The candy apple red Saab 900 in Ryûsuke Hamaguchi's Drive My Car blazes against the film's continuously washed-out color pallet. It's perhaps why that car, as it roams twisting highways, feels so significantly fixed in memory when thinking about the film. Hamaguchi's piece, influenced by works of Murakami (the movie is based upon stories from Men Without Women) and Chekhov, purposely and relentlessly restricts pleasure--its slick photography by Hidetoshi Shinomiya of modern drabness (neutral clothing, glinting yellow lights and white and grey concrete and wood walls and structures) is a dull thing to behold for its three hour runtime. It reminded me of the tones of the sleek German buildings in I'm Your Man or the white-ribbed World Trade Center Oculus: structures erected as an embrace of modernity, of living, and moving forward--especially over places of crisis, war and death--yet, their sterile, bone-colored somberness a tomb-like reminder of hallowed grounds.
In Drive My Car, a significant part of the movie is set in Hiroshima, where a celebrated actor and writer, Yusuke Kafuku (Hidetoshi Nishijima), is mounting a production of Chekhov’s play Uncle Vanya. Afflicted with glaucoma, a symbolic gesture of blindness on the edge of what meets the eye, Yusuke must hire a driver to travel. Yusuke's quiet young chauffer Misaki Watari (Toko Miura, my favorite performance in the film), drives the red Saab, through womb-like tunnels and traffic-less roads, to what feels like the far reaches of the earth--to her hometown, her family and home, swept by landslides; nature, too, can bury over the past and the dead: viewing the crumpled wreckage of the house, it is half-buried by snow. This is an extremely moving aspect of Hamaguchi's richly layered film, and it's twinned with its literary sources. As we move along in the car, we hear the voice of Yusuke's departed wife, Oto (Reika Kirishima), as she reads lines from Kafka on a cassette tape. Emotions too, are kept at bay. A sex scene of a woman screaming for pleasure is one shrouded to the audience in sadness, shame, and betrayal. Yusuke's bottled-up grief can be both a hinderance and asset to the direction of his play, especially with the casting of a young superstar lead actor, Takatsuki (Masaki Okada)--a perfect contrast to Yusuke--with a past connection to Oto.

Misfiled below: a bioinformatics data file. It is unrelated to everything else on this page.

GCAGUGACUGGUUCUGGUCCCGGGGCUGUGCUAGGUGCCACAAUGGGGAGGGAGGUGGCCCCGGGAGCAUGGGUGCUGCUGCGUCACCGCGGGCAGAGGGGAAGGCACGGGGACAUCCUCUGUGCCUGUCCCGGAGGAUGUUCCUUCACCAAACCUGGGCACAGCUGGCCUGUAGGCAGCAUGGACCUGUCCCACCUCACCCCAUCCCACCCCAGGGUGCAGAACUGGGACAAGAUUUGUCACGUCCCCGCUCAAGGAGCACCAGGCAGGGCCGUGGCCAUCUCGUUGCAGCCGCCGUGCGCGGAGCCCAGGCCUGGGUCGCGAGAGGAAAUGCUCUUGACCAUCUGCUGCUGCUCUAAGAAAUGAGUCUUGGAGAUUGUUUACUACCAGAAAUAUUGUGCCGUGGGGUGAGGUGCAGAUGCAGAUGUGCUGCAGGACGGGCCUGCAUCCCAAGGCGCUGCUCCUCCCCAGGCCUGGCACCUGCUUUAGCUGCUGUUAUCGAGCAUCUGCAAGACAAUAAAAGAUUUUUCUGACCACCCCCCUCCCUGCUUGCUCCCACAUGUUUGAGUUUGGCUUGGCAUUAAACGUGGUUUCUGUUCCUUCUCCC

While the film is well-played and shot, it's the unusual instance where the script (by Hamaguchi & Takamasa Oe) is more fascinating than the film itself. Something about those running rivers of language from the tape, to the halting dialogue in the table reads (its cast, often frustrated), to the storytelling between Oto and Yusuke and also, its arresting structure including a prelude, denouement, a coda that all have a lingering potency, all make me think of the blizzardlike wizardry of the script in contrast to the unabating austereness of the film itself. At three hours, visually, the movie is ponderous. The dramatic conclusions, including Yusuke's first emotional outpouring (the acting there, unfortunately, feels forced)--could work well on paper, or in a novel. Somehow, on celluloid, it renders empty and obvious after such a drab, winding run; surprisingly banal, for a film that seems to be up to something more complicated and mysterious. Still, the ambition of the movie and the blending of its literary influences, cannot be ignored. The note of hope the film ends on, that candy red car in a lot of white and silver vehicles, is likely a stirring one for the viewer. ***